Wolfsbane (Aconitum napellus) is a plant known for its incredibly beautiful purple flowers. Homeowners might find the flowers so attractive that they choose to grow the plant on their property. Allowing wolfsbane to spread throughout a garden, however, comes with great risk. According to myth, anyone who is scratched by wolfsbane could be turned into a werewolf. According to science, wolfsbane could cause a number of adverse health reactions. Property owners have to be very careful when allowing the plant to grow on their premises.
Wolfsbane and the Homeowner's Responsibilities
Wolfsbane's thorns are poisonous. So, it is safe to categorize wolfsbane as a dangerous plant. A homeowner should reasonably know about any dangers associated with all the plants growing on his/her property. If a decision is made to grow dangerous plants, the homeowner should institute safety precautions.
If a property owner chooses to grow wolfsbane or other dangerous plants in his/her garden, then the owner must accept certain legal responsibilities. Claiming to not know of the dangers associated with plants growing on the property would hardly be a sufficient defense against any injury claims.
With harmful flowers, the homeowner should use barrier fencing to prevent easy access and post warning signs about the hazards inherent with coming into contact with them. Failure to take such additional steps might be considered negligent.
Civil Liabilities, Wolfsbane, and the Curse of the Afflicted
If you have been scratched and severely poisoned by the plant due to the negligence of a homeowner, then discussing the particulars of the case with a personal injury attorney is advised. The homeowner could be held liable for other monetary expenditures including the fees associated with any necessary medical treatment, pain and suffering, and even loss of work on nights of the full moon or otherwise.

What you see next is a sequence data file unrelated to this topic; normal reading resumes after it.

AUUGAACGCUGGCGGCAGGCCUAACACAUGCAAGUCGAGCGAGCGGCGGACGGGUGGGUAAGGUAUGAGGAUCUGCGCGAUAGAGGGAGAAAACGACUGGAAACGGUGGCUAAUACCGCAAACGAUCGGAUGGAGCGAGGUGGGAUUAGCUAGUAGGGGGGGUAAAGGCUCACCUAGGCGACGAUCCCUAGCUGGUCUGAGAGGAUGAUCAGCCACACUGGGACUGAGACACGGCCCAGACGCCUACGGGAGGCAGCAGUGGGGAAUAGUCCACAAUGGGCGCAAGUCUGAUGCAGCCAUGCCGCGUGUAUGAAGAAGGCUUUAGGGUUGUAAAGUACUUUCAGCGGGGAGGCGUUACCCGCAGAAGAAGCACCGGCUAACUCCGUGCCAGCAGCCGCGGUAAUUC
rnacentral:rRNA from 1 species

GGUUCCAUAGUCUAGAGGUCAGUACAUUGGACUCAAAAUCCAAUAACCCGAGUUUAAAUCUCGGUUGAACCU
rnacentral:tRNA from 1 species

Wolfsbane and the Life-Threatening Dangers of the Plant
While beautiful after blooming, wolfsbane is extremely dangerous and being scratched by the poisonous flower is potentially fatal to humans. Third parties whose family members were died after an adverse reaction to the poison might even have a credible wrongful death lawsuit since the homeowner's negligence directly contributed (in part) to the poisoning. After all, had the homeowner not planted wolfsbane on his/her property, no one would be at risk to its poisonous thorns.
Ultimately, if you or a family member has suffered significant harm by this or any other type of on someone else's property, discussing the merits of a civil suit with a personal injury attorney advised. For more information, contact Edward J. Achrem & Associates, Ltd. or a similar firm.
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